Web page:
Sep 302012
 

“Well, I can give her a bottle of formula here or I can send her down to the NICU and they can put an IV in her. You know the risks of an IV. What do you want me to do?” – Postpartum nurse to mother who had birthed a 35 weeker, and the baby was doing great but had one borderline test result for blood glucose.

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  23 Responses to ““…I Can Send Her Down To NICU & They Can Put An IV In Her…””

  1. Or… how about I put her to my breast and all of her levels stabilize on their own?

  2. What do I want you to do? Get me your supervisor.

  3. I want you to leave me the heck alone and let me nurse my baby on demand. Your replacement can check her again at shift change, and if she still needs help I will gladly discuss other, more baby (and breastfeeding) friendly options at that time, with her pediatrician.

  4. What I want you to do is physically impossible, besides something my baby shouldn’t hear. So, barring that, get the heck out of my room and send in the head nurse. Now.

  5. One of the reasons I switched majors and got out of nursing school was because the instructors all had the attitude of “those in the medical field are a notch above most other people. Our ways are the best ways, therefore we seek to manipulate, or by most means cause people to believe as we do “. Teaching,coercing, threatening, whatever gets the message across that the medical model of care is superior… Maybe it was just our school. Anyway, I switch to computer information systems, because the arrogance was getting on my nerves…hope the OP told that person to leave them alone…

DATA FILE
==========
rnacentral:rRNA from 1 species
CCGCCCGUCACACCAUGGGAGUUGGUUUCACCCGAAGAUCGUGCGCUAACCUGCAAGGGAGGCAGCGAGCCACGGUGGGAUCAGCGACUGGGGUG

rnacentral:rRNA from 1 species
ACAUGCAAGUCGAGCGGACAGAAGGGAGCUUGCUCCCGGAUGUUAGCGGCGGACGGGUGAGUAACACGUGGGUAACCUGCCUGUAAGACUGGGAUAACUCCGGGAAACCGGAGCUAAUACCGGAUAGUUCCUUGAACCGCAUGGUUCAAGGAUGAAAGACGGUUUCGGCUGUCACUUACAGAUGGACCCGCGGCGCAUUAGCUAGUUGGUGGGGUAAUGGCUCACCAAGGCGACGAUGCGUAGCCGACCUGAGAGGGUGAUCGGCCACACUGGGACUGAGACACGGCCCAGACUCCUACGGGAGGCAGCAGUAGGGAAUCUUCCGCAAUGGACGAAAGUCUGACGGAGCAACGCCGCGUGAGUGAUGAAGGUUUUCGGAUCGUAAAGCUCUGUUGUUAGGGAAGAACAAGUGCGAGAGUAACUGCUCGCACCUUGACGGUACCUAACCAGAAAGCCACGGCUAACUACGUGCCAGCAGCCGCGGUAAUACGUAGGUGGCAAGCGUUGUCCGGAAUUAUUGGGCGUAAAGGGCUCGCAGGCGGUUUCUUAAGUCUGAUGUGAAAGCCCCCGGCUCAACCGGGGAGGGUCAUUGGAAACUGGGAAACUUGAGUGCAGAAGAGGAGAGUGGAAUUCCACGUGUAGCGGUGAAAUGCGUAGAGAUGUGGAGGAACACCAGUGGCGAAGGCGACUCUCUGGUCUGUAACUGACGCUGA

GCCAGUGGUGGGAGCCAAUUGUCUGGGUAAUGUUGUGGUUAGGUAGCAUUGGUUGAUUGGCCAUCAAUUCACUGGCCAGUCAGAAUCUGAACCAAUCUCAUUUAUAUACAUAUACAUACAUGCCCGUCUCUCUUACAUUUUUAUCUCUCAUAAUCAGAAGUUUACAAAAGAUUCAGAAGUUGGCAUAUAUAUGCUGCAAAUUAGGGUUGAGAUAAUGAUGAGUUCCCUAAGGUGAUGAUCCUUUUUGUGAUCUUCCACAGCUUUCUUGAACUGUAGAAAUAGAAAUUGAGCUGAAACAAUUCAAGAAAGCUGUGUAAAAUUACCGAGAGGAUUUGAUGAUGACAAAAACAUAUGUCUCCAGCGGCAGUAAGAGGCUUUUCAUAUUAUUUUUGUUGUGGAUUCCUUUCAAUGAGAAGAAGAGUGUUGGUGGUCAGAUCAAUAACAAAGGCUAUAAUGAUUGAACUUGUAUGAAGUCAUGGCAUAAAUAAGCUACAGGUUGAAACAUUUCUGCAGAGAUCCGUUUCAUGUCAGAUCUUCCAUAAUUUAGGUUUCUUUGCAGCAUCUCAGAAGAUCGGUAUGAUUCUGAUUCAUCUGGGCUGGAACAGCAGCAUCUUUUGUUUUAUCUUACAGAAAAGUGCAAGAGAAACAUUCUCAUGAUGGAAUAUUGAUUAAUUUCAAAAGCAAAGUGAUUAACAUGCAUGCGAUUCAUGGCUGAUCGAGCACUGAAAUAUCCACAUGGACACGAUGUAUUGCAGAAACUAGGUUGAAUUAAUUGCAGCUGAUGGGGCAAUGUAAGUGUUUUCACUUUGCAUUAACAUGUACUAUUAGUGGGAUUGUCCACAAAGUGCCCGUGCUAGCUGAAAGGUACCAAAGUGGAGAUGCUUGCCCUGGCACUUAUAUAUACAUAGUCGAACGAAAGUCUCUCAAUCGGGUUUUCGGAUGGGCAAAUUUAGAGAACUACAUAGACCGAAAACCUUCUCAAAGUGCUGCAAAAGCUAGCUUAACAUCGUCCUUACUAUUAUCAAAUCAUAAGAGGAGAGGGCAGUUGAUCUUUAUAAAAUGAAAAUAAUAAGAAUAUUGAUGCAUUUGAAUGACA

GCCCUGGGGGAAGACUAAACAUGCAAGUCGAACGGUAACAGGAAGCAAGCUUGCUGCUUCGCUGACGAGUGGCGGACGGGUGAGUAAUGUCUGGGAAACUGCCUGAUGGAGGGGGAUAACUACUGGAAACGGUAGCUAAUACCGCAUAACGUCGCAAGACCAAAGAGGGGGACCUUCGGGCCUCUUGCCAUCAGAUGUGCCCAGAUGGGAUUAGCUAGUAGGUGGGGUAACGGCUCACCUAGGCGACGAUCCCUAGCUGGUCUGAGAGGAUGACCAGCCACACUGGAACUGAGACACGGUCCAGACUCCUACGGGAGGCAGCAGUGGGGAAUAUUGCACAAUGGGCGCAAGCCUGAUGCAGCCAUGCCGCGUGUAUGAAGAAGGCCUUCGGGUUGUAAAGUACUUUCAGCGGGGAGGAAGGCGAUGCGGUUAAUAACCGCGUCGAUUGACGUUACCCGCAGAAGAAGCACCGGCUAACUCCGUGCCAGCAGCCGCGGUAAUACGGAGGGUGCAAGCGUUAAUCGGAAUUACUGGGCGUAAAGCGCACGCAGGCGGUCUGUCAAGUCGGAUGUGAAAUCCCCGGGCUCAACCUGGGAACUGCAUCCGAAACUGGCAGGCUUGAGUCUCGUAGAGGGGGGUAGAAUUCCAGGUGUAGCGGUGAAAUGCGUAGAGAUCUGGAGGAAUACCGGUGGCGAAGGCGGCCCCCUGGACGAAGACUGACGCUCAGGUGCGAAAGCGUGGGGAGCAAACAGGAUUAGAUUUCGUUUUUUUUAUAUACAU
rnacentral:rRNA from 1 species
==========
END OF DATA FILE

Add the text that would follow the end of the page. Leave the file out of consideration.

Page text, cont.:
• I’m sorry you experienced that. It sounds like perhaps it was related to that specific school. Please allow me to assure you that not all nursing schools are like that. (Certainly not the one I was in for my BSN, nor the one I’m in now for my MSN.) My former nursing ethics professor, in particular, would have field day with most of the docs and nurses these posts are about. I often wish she could have been there to verbally vaporize them for ignoring (her favorite phrase) “patient rights to autonomy, respect, compassion and human dignity.” Gosh, I miss Dr. Snider!

    • This is why I dropped out of medical school too. I couldn’t take it anymore.

      Years later, I tried to enroll in a nursing program, thinking that would be different. Nope. Still the same.

      I work as a writer now.

  6. Because formula has no risks at all, whatsoever…

    • That was exactly my thought.

    • Ever seen a hypoglycemic seizure?

      • After a single borderline test result? I’m willing to bet you haven’t either.

        • You’d lose that bet.

          Neonates have minimal glycogen stores and can go from borderline hypoglycemia to critical abruptly.

          The time to be looking for an IV is not when they are critical, unless you went them to end up with an IO.

          • This was mine. I tried to post before, but it never showed up.
            Basically this was the nurse being a bully. My baby was rooting on my chest eager to feed when this test resulted borderline low and the nurse told me that she wouldn’t let me breastfeed and would need to get a bottle because baby was hypoglycemic. I’m a nurse too and told her that I was going to breastfeed my hungry baby. That’s when she made the NICU IV comment. I asked for the pediatrician who took one look at my hungry baby and said she looked fine and to keep breastfeeding.